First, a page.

What is a Sinfonia concertante?

David Threasher Wed 16th January 2019

David Threasher traces another form that reached its pinnacle with Mozart

Vilde Frang and Lawrence Power perform Mozart’s Sinfonia concertante

Vilde Frang and Lawrence Power perform Mozart’s Sinfonia concertante

The terms ‘symphony’ and ‘concerto’ have histories almost as long as Western art music itself and mean different things depending on the time and place of their application. ‘Sinfonia concertante’, on the other hand, refers to a particular type of piece, composed in a specific period – and, as so often, the usual suspects provided the works that represent the form at its finest.

At its most basic, it’s a concerto for multiple instruments, which not only function as soloists but also to a greater or lesser extent embed themselves, symphonically, into the wider musical texture. The concerto grosso came closest to this description during the Baroque; with the rise of the Romantics, the terms ‘double concerto’ and ‘triple concerto’ became more common. The sinfonia concertante, then, enjoyed its vogue in the second half of the 18th century. It was popular in Paris where, as symphonie concertante, examples by the likes of Davaux, Devienne, Gossec and Pleyel were enjoyed by the soloists of the Concerts Spirituels. JC Bach composed a string of such works in London, for the virtuosos of the orchestra he convened for the Bach-Abel concerts. Mozart would have heard JCB’s music as a child in the English capital, as well as further such works in Mannheim.

Mozart becomes one of those usual suspects for perhaps the finest work in the genre, his Sinfonia concertante for violin, viola and orchestra. Having emerged imperceptibly from the orchestra, the two soloists subsequently share material, intertwining with suavity in the opening Allegro maestoso, more light-heartedly in the final Presto and with utmost seriousness in the central slow movement. Set in grave C minor, this is a masterpiece of dazzling maturity from the 23-year-old, stepping confidently outside the accepted emotional bounds of the concerto of the 1770s.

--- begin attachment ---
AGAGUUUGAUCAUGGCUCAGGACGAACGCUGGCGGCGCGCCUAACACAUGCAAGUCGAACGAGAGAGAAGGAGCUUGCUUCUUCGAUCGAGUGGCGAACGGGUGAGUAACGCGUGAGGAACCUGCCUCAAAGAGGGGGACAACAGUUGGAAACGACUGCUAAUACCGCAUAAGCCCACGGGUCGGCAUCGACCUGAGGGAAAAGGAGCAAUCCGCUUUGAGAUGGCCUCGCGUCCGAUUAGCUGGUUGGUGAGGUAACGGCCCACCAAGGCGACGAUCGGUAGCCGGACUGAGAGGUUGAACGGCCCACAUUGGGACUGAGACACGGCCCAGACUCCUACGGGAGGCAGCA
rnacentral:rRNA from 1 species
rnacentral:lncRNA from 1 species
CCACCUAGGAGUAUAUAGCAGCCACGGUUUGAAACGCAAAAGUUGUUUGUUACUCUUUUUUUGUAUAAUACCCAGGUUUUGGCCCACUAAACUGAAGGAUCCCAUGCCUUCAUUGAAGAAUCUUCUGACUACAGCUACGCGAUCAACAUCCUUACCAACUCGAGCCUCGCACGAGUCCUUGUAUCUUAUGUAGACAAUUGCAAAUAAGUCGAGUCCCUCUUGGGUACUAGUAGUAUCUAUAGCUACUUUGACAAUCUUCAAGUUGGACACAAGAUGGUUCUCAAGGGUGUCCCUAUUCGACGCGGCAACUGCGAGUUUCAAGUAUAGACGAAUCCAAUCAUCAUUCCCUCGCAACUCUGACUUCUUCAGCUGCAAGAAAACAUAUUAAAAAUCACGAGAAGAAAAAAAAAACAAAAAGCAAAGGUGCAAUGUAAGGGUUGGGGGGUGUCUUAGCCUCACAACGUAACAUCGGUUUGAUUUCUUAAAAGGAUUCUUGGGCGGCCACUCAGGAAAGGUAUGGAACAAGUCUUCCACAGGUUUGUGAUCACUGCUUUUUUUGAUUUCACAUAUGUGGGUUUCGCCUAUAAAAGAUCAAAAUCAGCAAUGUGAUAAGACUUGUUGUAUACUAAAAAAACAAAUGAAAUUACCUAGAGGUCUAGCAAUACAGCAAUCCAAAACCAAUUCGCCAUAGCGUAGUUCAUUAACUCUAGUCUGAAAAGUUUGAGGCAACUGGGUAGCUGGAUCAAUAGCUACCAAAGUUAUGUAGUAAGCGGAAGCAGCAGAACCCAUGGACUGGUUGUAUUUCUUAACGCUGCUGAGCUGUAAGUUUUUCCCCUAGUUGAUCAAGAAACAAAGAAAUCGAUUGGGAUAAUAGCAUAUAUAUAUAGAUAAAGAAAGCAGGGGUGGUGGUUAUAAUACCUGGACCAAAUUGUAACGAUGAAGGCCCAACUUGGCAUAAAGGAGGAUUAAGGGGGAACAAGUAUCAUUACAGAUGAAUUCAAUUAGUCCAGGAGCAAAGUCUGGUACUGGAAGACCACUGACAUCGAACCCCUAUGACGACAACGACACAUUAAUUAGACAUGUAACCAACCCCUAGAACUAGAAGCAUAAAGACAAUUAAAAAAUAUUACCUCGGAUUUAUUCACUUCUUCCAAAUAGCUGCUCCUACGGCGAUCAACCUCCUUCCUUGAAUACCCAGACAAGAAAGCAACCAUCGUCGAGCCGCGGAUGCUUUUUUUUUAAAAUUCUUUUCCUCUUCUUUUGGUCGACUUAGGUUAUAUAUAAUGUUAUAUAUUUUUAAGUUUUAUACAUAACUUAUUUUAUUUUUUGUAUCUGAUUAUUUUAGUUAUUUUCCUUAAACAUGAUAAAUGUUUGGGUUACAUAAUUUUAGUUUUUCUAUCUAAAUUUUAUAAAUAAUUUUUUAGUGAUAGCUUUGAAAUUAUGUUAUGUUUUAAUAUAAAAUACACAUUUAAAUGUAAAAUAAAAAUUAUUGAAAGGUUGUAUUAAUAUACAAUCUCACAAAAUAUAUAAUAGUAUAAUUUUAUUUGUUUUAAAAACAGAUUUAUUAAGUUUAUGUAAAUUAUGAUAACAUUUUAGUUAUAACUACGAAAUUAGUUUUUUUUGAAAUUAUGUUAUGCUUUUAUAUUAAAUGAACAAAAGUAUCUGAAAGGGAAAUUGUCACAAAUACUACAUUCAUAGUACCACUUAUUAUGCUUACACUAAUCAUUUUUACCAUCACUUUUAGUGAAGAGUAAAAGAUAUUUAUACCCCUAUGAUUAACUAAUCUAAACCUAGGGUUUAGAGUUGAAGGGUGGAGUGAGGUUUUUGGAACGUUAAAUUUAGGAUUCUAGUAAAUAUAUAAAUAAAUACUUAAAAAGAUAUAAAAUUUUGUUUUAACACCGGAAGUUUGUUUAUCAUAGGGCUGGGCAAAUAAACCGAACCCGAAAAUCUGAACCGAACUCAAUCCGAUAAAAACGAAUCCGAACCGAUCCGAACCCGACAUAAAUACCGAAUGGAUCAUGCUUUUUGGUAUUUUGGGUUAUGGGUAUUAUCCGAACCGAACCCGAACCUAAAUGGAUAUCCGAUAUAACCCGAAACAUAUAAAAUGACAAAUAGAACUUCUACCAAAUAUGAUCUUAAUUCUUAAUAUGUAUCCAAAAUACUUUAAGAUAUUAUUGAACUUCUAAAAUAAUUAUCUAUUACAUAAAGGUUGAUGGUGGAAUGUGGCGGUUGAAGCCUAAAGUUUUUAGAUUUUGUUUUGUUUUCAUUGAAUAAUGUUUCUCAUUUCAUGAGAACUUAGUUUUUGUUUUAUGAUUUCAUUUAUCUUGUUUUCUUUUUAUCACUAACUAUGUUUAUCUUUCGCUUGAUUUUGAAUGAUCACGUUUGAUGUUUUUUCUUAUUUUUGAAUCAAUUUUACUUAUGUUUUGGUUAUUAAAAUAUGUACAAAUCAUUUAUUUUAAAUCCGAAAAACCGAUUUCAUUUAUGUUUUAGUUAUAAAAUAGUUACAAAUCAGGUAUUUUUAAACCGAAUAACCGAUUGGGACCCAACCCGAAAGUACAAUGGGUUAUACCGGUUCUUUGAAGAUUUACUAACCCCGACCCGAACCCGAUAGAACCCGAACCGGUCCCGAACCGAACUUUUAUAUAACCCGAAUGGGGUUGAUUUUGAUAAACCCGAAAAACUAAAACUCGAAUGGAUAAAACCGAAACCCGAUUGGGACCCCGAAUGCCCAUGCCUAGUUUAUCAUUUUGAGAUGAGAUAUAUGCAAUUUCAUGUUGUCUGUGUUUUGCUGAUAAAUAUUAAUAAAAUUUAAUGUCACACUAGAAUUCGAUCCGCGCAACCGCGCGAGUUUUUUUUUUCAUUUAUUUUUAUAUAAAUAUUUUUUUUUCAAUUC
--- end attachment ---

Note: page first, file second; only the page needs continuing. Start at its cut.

Haydn’s sole example was the result of a 1792 querelle that the London press confected between him and his erstwhile pupil Ignaz Pleyel. Haydn responded effortlessly to the challenge of the younger man’s concertanti in a work of the most delightful charm for violin, cello, oboe and bassoon.

The rise of the double and triple concerto led to the demise of the concertante, although works such as Saint-Saëns’s Organ Symphony or Lalo’s Symphonie espagnole nevertheless display many of its traits. More recently, a similar compositional style pops up in works such as Szymanowski’s Fourth Symphony, with its prominent piano part, Litolff’s Concertos symphoniques and Prokofiev’s cello Symphony-Concerto. But these are works of their own time, a far cry from the origins of the form in 18th‑century Europe.

Listen to our Sinfonia concertante playlist on Qobuz

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